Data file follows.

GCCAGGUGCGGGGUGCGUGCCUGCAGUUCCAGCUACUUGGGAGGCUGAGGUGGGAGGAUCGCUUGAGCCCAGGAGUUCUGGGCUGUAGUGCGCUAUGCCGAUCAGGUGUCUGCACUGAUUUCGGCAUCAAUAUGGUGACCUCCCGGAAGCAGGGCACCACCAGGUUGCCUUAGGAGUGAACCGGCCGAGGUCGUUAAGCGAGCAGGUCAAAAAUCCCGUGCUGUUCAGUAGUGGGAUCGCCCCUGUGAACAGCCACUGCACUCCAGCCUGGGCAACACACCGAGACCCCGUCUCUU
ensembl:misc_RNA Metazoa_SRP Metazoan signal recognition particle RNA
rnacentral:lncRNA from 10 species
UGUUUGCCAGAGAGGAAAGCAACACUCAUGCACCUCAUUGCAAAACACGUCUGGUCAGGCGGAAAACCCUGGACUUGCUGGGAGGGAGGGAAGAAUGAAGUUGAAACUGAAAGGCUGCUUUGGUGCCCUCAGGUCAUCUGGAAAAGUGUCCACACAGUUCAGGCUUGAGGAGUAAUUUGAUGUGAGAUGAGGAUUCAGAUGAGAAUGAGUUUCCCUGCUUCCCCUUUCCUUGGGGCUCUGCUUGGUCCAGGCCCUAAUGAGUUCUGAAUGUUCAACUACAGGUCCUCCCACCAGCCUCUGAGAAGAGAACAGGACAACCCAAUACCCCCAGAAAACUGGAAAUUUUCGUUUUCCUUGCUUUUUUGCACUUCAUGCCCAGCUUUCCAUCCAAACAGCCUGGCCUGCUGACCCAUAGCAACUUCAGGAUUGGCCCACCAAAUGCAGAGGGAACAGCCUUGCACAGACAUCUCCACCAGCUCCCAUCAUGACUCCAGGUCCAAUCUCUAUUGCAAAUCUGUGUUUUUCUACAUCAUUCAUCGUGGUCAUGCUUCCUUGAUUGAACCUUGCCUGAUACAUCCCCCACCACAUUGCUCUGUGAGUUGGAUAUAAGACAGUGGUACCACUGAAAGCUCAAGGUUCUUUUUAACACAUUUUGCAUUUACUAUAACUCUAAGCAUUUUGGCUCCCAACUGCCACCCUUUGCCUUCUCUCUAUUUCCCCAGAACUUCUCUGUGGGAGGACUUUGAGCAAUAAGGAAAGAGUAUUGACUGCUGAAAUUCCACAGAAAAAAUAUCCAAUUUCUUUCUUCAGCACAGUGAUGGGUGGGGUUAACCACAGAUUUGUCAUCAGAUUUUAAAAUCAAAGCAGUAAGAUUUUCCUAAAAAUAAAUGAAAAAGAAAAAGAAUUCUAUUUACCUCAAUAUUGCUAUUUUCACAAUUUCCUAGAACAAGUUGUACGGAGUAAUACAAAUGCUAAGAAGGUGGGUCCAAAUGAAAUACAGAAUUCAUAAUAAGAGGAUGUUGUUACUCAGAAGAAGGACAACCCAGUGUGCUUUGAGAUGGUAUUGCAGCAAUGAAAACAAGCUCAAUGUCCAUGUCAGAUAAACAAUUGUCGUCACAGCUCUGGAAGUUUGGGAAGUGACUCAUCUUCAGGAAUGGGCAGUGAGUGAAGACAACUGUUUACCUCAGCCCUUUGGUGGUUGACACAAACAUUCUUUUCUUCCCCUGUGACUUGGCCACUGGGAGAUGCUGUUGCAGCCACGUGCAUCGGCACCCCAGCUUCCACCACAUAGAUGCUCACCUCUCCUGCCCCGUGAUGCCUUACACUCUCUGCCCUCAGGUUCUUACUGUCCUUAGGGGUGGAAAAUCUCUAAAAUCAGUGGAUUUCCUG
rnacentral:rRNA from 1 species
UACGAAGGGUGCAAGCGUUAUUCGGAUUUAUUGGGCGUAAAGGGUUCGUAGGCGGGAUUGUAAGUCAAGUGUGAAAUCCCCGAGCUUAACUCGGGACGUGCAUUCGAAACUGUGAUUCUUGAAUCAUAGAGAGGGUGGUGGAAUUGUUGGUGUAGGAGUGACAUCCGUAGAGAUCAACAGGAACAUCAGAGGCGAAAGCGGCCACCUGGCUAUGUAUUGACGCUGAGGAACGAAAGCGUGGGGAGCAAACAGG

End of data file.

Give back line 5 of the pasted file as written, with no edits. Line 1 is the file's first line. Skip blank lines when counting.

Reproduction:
rnacentral:rRNA from 1 species